Posted Oct 29, 2005 08:40 am CDT
Lawrence J. Fox guesses that the obligation to preserve client confidences is the ethics rule that lawyers break more than any other.
The confidentiality principle is straightforward. Rule 1.6 of the ABA Model Rules of Professional Conduct, for instance, states, “A lawyer shall not reveal information relating to the representation of a client.”
Rule 1.6 does contain a few exceptions, especially when a lawyer reasonably believes breaching a confidence is necessary to prevent death or serious injury, or to protect his or her own legal interests in connection with a case. (The ABA Model Rules of Professional Conduct are the basis for most state ethics codes for lawyers.)
But Rule 1.6 makes no exceptions for table talk–or pillow talk–with spouses or significant others. Nor does the rule exclude other family members, neighbors, golf buddies, bridge partners or, as Fox puts it, Saturday nights at 11 p.m. after a couple of martinis.
“It’s my sense that that kind of pillow talk goes on all the time,” says Fox, a lawyer in Philadelphia and a past chair of the ABA Standing Committee on Ethics and Professional Responsibility. “But it’s a hard violation to catch because the person they’re confiding in typically isn’t going to let it go any further.” Fortunately, Fox says, those kinds of violations of Model Rule 1.6 and its variations at the state level generally do little, if any, harm.
Nevertheless, say Fox and other ethics experts, lawyers should keep the confidentiality rule in mind even in conversations at home and among friends. But how closely lawyers heed that caution appears to vary. And finding the appropriate line can get even trickier when a spouse, for instance, also is a lawyer. I
n many cases, practicalities help to offset potential problems with pillow talk violations of the confidentiality rule, says Lynda C. Shely, the former director of lawyer ethics for the State Bar of Arizona. Shely is now a private practitioner in Scottsdale, Ariz., who advises other law firms on ethics and risk-management issues. Her husband is a commercial litigator.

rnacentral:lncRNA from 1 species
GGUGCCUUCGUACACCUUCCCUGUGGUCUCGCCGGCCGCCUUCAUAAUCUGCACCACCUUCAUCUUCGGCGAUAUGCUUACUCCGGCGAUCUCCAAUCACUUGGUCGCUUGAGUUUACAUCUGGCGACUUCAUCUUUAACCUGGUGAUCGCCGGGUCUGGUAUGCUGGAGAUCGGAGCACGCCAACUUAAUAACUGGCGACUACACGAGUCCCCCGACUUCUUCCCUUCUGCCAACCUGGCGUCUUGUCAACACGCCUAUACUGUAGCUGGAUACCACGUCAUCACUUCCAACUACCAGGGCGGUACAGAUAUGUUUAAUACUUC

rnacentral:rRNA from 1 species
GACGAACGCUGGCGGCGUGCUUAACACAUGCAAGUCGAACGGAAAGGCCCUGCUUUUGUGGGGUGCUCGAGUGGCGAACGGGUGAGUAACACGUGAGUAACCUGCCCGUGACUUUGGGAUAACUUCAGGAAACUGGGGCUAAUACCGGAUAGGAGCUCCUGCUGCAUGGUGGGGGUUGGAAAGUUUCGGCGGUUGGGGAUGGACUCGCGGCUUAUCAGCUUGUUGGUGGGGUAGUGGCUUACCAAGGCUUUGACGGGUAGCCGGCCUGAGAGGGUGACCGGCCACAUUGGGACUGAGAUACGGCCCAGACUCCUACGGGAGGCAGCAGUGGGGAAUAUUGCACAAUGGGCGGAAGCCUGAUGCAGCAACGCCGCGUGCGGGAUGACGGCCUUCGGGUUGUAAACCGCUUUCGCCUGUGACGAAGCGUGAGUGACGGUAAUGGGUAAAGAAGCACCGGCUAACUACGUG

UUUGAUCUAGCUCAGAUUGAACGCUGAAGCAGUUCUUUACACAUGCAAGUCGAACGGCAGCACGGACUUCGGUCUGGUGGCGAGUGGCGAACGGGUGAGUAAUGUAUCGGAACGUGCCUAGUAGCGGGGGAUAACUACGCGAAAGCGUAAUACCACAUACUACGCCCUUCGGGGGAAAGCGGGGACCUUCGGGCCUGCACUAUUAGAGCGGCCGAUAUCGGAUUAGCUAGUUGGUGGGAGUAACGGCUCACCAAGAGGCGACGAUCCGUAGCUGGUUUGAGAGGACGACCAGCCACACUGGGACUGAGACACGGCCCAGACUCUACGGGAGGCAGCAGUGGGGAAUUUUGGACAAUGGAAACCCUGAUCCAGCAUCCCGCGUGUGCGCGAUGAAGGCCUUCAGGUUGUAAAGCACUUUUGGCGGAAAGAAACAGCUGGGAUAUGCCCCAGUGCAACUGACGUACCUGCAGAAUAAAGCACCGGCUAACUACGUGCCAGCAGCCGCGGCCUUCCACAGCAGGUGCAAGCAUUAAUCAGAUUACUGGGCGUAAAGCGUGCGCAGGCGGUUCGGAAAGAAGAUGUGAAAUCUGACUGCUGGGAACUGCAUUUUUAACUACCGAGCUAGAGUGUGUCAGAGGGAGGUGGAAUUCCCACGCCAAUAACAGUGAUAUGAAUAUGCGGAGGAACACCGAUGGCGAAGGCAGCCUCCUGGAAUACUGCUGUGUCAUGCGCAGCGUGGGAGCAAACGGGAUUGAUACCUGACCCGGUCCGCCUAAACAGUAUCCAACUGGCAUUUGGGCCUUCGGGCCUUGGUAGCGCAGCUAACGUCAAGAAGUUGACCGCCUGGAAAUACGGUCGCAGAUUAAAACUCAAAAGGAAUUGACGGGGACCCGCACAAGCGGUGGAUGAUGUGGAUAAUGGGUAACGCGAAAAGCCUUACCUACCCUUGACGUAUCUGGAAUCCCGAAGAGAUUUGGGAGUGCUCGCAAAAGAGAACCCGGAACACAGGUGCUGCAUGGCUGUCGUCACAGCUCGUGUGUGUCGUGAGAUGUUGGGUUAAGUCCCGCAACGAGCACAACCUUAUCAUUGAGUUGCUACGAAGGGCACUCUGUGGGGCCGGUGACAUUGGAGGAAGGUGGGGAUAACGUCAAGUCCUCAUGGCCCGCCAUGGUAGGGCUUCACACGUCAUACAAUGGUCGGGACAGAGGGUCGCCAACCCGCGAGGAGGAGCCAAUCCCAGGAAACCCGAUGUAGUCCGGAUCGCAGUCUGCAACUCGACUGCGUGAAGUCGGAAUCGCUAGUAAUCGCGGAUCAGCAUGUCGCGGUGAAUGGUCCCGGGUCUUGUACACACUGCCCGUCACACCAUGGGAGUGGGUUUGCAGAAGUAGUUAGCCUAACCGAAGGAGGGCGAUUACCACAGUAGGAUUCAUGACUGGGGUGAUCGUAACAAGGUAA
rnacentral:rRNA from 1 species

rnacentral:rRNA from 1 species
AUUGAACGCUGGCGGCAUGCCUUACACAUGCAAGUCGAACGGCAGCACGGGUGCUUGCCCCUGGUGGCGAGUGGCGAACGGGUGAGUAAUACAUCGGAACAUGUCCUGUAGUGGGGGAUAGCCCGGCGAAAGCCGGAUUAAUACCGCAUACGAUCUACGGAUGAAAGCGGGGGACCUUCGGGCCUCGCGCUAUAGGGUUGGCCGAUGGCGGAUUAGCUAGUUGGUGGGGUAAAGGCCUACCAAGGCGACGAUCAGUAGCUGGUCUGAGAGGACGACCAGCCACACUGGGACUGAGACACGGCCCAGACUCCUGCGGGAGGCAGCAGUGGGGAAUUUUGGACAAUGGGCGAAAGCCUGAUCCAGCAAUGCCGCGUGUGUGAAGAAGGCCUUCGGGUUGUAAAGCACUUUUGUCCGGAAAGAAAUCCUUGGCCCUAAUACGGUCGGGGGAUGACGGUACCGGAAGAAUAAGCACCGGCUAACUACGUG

Shely, a member of the ABA Standing Committee on Professionalism, says she and her husband never talk about client matters at home. “With three kids and a dog, we have enough to talk about without talking about work,” she says. “The reality is that most of the time the spouse is so bored by it, he or she never tells anybody else.”
Miriam Rittmaster, a solo practitioner in Overland Park, Kan., who is married to another attorney, says lawyers may not realize how much leeway they actually have to discuss their cases since much of what they do is a matter of public record. Moreover, she says, ethics rules generally allow a lawyer to consult with other lawyers on cases.
“My feeling is, as long as the individual person is not identifiable, I can talk in generalities and hypotheticals without violating the client’s confidences,” she says.
But just to be on the safe side, Rittmaster says, her standard fee agreement specifically provides that she may seek her husband’s advice on client matters. David Abeshouse, a solo in Uniondale, N.Y., says he probably is overly cautious when it comes to protecting client confidences. His wife, a nurse, doesn’t fully understand his secrecy, says Abeshouse, especially when some of her friends who are married to lawyers tell her things their spouses have told them about their clients.
“I explain to her that this is precisely one of the reasons I can’t–and they shouldn’t–divulge client confidences,” Abeshouse says.
Fox can empathize with that dilemma. Years ago, he says, a family friend of theirs asked him in confidence to recommend a divorce lawyer. Later, Fox’s wife was shocked when their friend revealed she was getting a divorce. And then, as Fox recalls, the friend said to his wife, “I talked to Larry about this months ago. Didn’t he tell you?”